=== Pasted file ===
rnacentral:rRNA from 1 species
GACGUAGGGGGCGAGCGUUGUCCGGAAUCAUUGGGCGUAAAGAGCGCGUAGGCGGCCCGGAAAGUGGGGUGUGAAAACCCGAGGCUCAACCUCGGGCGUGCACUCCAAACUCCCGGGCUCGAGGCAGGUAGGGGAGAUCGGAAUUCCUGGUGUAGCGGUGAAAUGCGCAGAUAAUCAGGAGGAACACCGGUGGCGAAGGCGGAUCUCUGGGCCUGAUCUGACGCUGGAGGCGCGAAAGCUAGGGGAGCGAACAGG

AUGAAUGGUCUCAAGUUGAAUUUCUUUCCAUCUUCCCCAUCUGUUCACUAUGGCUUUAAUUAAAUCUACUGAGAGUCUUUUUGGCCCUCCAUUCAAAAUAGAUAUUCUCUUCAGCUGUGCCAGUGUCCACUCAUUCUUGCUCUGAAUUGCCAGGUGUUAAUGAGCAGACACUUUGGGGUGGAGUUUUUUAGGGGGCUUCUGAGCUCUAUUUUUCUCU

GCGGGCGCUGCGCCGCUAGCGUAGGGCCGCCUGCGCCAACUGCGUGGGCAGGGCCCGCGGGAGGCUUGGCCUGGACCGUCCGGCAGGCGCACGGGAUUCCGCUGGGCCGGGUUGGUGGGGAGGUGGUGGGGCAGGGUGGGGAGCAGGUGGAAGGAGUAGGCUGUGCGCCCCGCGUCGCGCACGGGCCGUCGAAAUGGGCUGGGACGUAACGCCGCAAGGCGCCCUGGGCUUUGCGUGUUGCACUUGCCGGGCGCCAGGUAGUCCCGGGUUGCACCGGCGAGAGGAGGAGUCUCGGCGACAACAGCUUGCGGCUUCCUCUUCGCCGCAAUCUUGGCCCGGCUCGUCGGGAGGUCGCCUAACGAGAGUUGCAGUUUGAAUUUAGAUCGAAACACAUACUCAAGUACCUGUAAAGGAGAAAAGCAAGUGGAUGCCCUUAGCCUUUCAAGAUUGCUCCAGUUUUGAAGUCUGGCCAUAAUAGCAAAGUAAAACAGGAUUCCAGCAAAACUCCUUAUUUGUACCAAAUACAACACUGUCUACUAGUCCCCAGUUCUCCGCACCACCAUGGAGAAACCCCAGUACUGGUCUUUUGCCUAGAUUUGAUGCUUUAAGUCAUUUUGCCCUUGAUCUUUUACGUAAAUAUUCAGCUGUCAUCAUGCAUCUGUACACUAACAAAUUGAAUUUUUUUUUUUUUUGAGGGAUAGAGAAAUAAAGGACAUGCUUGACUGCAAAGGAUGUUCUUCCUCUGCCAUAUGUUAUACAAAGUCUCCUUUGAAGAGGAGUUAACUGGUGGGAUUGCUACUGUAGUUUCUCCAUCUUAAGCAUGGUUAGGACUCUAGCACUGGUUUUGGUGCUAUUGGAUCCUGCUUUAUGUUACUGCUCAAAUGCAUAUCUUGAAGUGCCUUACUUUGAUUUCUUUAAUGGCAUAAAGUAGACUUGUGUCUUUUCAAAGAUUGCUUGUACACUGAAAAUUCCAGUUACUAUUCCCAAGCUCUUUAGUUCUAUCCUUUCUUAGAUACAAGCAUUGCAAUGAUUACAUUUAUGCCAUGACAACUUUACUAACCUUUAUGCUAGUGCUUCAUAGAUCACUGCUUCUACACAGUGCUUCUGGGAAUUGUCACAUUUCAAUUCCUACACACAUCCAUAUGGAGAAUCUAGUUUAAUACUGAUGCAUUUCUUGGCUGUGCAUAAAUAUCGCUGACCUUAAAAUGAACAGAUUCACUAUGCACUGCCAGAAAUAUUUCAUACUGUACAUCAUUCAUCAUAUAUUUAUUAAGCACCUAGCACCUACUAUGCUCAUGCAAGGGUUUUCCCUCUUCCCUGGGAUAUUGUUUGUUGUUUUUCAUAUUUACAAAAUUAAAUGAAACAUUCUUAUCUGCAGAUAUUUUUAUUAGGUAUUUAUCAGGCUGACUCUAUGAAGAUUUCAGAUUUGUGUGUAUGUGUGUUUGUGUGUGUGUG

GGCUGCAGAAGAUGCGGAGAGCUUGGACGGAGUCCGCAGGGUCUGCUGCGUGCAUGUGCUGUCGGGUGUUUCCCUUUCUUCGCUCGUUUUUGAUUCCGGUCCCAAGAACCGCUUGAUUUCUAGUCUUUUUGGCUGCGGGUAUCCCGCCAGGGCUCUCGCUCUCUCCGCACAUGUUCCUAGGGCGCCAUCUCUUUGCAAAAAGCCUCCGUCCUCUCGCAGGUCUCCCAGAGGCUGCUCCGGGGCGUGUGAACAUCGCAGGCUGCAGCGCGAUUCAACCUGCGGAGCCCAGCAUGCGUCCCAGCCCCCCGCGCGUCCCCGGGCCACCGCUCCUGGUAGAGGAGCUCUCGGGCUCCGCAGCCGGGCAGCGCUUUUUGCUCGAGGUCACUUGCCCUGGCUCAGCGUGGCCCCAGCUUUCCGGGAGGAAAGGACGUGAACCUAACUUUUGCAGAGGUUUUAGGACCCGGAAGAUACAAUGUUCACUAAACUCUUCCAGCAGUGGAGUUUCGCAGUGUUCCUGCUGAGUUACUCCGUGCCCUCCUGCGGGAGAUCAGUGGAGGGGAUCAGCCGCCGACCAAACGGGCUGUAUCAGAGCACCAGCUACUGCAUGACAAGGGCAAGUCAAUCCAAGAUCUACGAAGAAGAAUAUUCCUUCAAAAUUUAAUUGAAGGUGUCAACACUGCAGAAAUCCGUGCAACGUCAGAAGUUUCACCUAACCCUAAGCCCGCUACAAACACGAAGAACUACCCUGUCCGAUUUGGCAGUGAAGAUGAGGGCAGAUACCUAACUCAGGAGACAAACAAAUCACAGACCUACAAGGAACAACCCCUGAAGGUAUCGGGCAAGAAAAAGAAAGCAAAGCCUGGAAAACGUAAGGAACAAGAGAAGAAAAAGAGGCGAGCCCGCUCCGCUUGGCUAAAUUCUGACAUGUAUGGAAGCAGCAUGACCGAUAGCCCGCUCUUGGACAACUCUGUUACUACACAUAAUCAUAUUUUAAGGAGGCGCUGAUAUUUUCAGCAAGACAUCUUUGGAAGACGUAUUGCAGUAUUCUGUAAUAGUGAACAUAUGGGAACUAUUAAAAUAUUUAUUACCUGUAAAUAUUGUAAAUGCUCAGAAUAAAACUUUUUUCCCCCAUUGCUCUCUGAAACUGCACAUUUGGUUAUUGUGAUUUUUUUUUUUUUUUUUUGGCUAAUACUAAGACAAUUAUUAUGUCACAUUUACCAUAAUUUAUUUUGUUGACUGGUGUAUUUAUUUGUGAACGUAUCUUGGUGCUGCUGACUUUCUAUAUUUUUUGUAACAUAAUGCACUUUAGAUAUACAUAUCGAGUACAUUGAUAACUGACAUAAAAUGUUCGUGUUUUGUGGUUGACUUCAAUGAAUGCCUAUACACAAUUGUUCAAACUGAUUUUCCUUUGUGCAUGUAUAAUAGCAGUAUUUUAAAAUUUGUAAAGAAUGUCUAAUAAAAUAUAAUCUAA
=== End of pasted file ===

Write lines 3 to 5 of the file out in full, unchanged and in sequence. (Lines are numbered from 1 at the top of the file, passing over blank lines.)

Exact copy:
AUGAAUGGUCUCAAGUUGAAUUUCUUUCCAUCUUCCCCAUCUGUUCACUAUGGCUUUAAUUAAAUCUACUGAGAGUCUUUUUGGCCCUCCAUUCAAAAUAGAUAUUCUCUUCAGCUGUGCCAGUGUCCACUCAUUCUUGCUCUGAAUUGCCAGGUGUUAAUGAGCAGACACUUUGGGGUGGAGUUUUUUAGGGGGCUUCUGAGCUCUAUUUUUCUCU

GCGGGCGCUGCGCCGCUAGCGUAGGGCCGCCUGCGCCAACUGCGUGGGCAGGGCCCGCGGGAGGCUUGGCCUGGACCGUCCGGCAGGCGCACGGGAUUCCGCUGGGCCGGGUUGGUGGGGAGGUGGUGGGGCAGGGUGGGGAGCAGGUGGAAGGAGUAGGCUGUGCGCCCCGCGUCGCGCACGGGCCGUCGAAAUGGGCUGGGACGUAACGCCGCAAGGCGCCCUGGGCUUUGCGUGUUGCACUUGCCGGGCGCCAGGUAGUCCCGGGUUGCACCGGCGAGAGGAGGAGUCUCGGCGACAACAGCUUGCGGCUUCCUCUUCGCCGCAAUCUUGGCCCGGCUCGUCGGGAGGUCGCCUAACGAGAGUUGCAGUUUGAAUUUAGAUCGAAACACAUACUCAAGUACCUGUAAAGGAGAAAAGCAAGUGGAUGCCCUUAGCCUUUCAAGAUUGCUCCAGUUUUGAAGUCUGGCCAUAAUAGCAAAGUAAAACAGGAUUCCAGCAAAACUCCUUAUUUGUACCAAAUACAACACUGUCUACUAGUCCCCAGUUCUCCGCACCACCAUGGAGAAACCCCAGUACUGGUCUUUUGCCUAGAUUUGAUGCUUUAAGUCAUUUUGCCCUUGAUCUUUUACGUAAAUAUUCAGCUGUCAUCAUGCAUCUGUACACUAACAAAUUGAAUUUUUUUUUUUUUUGAGGGAUAGAGAAAUAAAGGACAUGCUUGACUGCAAAGGAUGUUCUUCCUCUGCCAUAUGUUAUACAAAGUCUCCUUUGAAGAGGAGUUAACUGGUGGGAUUGCUACUGUAGUUUCUCCAUCUUAAGCAUGGUUAGGACUCUAGCACUGGUUUUGGUGCUAUUGGAUCCUGCUUUAUGUUACUGCUCAAAUGCAUAUCUUGAAGUGCCUUACUUUGAUUUCUUUAAUGGCAUAAAGUAGACUUGUGUCUUUUCAAAGAUUGCUUGUACACUGAAAAUUCCAGUUACUAUUCCCAAGCUCUUUAGUUCUAUCCUUUCUUAGAUACAAGCAUUGCAAUGAUUACAUUUAUGCCAUGACAACUUUACUAACCUUUAUGCUAGUGCUUCAUAGAUCACUGCUUCUACACAGUGCUUCUGGGAAUUGUCACAUUUCAAUUCCUACACACAUCCAUAUGGAGAAUCUAGUUUAAUACUGAUGCAUUUCUUGGCUGUGCAUAAAUAUCGCUGACCUUAAAAUGAACAGAUUCACUAUGCACUGCCAGAAAUAUUUCAUACUGUACAUCAUUCAUCAUAUAUUUAUUAAGCACCUAGCACCUACUAUGCUCAUGCAAGGGUUUUCCCUCUUCCCUGGGAUAUUGUUUGUUGUUUUUCAUAUUUACAAAAUUAAAUGAAACAUUCUUAUCUGCAGAUAUUUUUAUUAGGUAUUUAUCAGGCUGACUCUAUGAAGAUUUCAGAUUUGUGUGUAUGUGUGUUUGUGUGUGUGUG

GGCUGCAGAAGAUGCGGAGAGCUUGGACGGAGUCCGCAGGGUCUGCUGCGUGCAUGUGCUGUCGGGUGUUUCCCUUUCUUCGCUCGUUUUUGAUUCCGGUCCCAAGAACCGCUUGAUUUCUAGUCUUUUUGGCUGCGGGUAUCCCGCCAGGGCUCUCGCUCUCUCCGCACAUGUUCCUAGGGCGCCAUCUCUUUGCAAAAAGCCUCCGUCCUCUCGCAGGUCUCCCAGAGGCUGCUCCGGGGCGUGUGAACAUCGCAGGCUGCAGCGCGAUUCAACCUGCGGAGCCCAGCAUGCGUCCCAGCCCCCCGCGCGUCCCCGGGCCACCGCUCCUGGUAGAGGAGCUCUCGGGCUCCGCAGCCGGGCAGCGCUUUUUGCUCGAGGUCACUUGCCCUGGCUCAGCGUGGCCCCAGCUUUCCGGGAGGAAAGGACGUGAACCUAACUUUUGCAGAGGUUUUAGGACCCGGAAGAUACAAUGUUCACUAAACUCUUCCAGCAGUGGAGUUUCGCAGUGUUCCUGCUGAGUUACUCCGUGCCCUCCUGCGGGAGAUCAGUGGAGGGGAUCAGCCGCCGACCAAACGGGCUGUAUCAGAGCACCAGCUACUGCAUGACAAGGGCAAGUCAAUCCAAGAUCUACGAAGAAGAAUAUUCCUUCAAAAUUUAAUUGAAGGUGUCAACACUGCAGAAAUCCGUGCAACGUCAGAAGUUUCACCUAACCCUAAGCCCGCUACAAACACGAAGAACUACCCUGUCCGAUUUGGCAGUGAAGAUGAGGGCAGAUACCUAACUCAGGAGACAAACAAAUCACAGACCUACAAGGAACAACCCCUGAAGGUAUCGGGCAAGAAAAAGAAAGCAAAGCCUGGAAAACGUAAGGAACAAGAGAAGAAAAAGAGGCGAGCCCGCUCCGCUUGGCUAAAUUCUGACAUGUAUGGAAGCAGCAUGACCGAUAGCCCGCUCUUGGACAACUCUGUUACUACACAUAAUCAUAUUUUAAGGAGGCGCUGAUAUUUUCAGCAAGACAUCUUUGGAAGACGUAUUGCAGUAUUCUGUAAUAGUGAACAUAUGGGAACUAUUAAAAUAUUUAUUACCUGUAAAUAUUGUAAAUGCUCAGAAUAAAACUUUUUUCCCCCAUUGCUCUCUGAAACUGCACAUUUGGUUAUUGUGAUUUUUUUUUUUUUUUUUUGGCUAAUACUAAGACAAUUAUUAUGUCACAUUUACCAUAAUUUAUUUUGUUGACUGGUGUAUUUAUUUGUGAACGUAUCUUGGUGCUGCUGACUUUCUAUAUUUUUUGUAACAUAAUGCACUUUAGAUAUACAUAUCGAGUACAUUGAUAACUGACAUAAAAUGUUCGUGUUUUGUGGUUGACUUCAAUGAAUGCCUAUACACAAUUGUUCAAACUGAUUUUCCUUUGUGCAUGUAUAAUAGCAGUAUUUUAAAAUUUGUAAAGAAUGUCUAAUAAAAUAUAAUCUAA